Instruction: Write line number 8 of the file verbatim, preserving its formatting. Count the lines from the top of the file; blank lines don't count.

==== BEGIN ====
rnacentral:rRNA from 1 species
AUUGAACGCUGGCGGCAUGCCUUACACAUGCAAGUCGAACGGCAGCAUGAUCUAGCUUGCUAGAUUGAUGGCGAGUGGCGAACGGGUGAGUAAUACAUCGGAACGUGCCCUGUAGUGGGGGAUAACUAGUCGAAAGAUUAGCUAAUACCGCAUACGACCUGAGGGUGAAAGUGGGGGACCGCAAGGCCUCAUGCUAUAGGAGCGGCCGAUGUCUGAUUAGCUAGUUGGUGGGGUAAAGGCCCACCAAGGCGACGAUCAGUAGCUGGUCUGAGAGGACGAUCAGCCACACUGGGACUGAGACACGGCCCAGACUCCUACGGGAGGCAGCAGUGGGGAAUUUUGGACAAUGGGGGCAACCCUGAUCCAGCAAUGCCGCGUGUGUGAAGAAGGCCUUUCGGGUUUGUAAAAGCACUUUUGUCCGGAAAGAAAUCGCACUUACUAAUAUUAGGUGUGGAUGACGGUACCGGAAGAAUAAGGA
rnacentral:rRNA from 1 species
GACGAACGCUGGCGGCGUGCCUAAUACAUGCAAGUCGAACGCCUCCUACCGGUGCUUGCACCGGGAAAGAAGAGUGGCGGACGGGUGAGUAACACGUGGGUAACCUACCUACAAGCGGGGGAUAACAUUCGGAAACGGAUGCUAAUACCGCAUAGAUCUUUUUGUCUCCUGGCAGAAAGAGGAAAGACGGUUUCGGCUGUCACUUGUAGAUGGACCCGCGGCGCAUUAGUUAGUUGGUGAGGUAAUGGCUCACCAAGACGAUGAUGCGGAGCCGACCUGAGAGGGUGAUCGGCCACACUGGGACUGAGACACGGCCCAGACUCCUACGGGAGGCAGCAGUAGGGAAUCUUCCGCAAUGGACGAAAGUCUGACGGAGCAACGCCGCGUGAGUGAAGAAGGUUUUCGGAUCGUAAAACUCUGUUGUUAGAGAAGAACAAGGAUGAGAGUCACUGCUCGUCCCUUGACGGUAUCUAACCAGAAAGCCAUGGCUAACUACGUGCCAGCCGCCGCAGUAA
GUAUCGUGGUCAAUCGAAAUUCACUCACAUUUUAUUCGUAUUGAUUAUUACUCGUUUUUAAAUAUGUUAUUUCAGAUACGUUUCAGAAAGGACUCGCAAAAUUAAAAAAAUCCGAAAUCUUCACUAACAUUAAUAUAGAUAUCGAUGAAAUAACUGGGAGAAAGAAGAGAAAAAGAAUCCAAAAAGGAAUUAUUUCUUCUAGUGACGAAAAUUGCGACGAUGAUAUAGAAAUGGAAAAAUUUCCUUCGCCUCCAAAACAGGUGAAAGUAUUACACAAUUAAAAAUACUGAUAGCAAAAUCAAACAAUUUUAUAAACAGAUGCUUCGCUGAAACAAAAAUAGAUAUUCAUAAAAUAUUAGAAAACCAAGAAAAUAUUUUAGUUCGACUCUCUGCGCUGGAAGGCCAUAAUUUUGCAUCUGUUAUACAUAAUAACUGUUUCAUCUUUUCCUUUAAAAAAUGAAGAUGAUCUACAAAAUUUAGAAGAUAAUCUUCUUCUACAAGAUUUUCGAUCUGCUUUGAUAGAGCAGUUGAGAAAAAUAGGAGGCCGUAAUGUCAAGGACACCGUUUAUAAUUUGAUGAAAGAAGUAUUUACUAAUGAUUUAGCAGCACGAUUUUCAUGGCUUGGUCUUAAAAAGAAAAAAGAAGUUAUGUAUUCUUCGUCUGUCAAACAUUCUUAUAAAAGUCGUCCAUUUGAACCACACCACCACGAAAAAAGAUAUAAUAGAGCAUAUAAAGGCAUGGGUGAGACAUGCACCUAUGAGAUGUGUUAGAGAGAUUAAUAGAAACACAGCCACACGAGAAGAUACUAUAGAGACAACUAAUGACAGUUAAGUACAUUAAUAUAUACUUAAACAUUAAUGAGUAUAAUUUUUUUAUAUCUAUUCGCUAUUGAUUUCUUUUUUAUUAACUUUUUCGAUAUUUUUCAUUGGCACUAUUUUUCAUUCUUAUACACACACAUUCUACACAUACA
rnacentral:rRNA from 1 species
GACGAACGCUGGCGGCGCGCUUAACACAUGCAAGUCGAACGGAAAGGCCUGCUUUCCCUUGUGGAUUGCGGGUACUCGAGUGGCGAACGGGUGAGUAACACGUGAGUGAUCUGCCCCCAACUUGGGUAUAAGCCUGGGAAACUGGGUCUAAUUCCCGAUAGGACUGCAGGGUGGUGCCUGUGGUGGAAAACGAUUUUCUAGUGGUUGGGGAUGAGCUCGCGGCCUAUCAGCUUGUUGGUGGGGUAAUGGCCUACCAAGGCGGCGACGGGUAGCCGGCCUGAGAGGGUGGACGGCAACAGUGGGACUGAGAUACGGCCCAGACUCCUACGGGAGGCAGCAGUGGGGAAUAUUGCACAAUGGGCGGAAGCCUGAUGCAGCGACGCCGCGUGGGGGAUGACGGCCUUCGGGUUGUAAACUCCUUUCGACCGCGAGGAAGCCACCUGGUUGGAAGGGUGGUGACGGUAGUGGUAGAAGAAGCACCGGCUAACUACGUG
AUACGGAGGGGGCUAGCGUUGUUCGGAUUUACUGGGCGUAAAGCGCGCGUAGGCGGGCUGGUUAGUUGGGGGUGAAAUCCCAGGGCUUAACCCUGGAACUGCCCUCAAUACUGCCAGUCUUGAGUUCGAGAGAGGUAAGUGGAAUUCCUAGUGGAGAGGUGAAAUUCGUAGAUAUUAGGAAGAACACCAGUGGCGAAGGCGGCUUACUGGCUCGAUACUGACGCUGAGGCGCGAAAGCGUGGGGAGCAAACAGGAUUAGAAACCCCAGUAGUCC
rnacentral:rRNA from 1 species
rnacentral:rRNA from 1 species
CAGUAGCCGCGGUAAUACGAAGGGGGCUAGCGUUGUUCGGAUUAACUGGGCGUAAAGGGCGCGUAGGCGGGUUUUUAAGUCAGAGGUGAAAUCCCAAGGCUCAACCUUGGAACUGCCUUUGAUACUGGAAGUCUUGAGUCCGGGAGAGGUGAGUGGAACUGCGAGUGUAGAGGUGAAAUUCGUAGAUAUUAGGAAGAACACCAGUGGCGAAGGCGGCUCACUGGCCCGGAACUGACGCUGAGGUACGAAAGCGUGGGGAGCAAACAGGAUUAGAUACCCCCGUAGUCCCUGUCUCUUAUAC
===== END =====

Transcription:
AUACGGAGGGGGCUAGCGUUGUUCGGAUUUACUGGGCGUAAAGCGCGCGUAGGCGGGCUGGUUAGUUGGGGGUGAAAUCCCAGGGCUUAACCCUGGAACUGCCCUCAAUACUGCCAGUCUUGAGUUCGAGAGAGGUAAGUGGAAUUCCUAGUGGAGAGGUGAAAUUCGUAGAUAUUAGGAAGAACACCAGUGGCGAAGGCGGCUUACUGGCUCGAUACUGACGCUGAGGCGCGAAAGCGUGGGGAGCAAACAGGAUUAGAAACCCCAGUAGUCC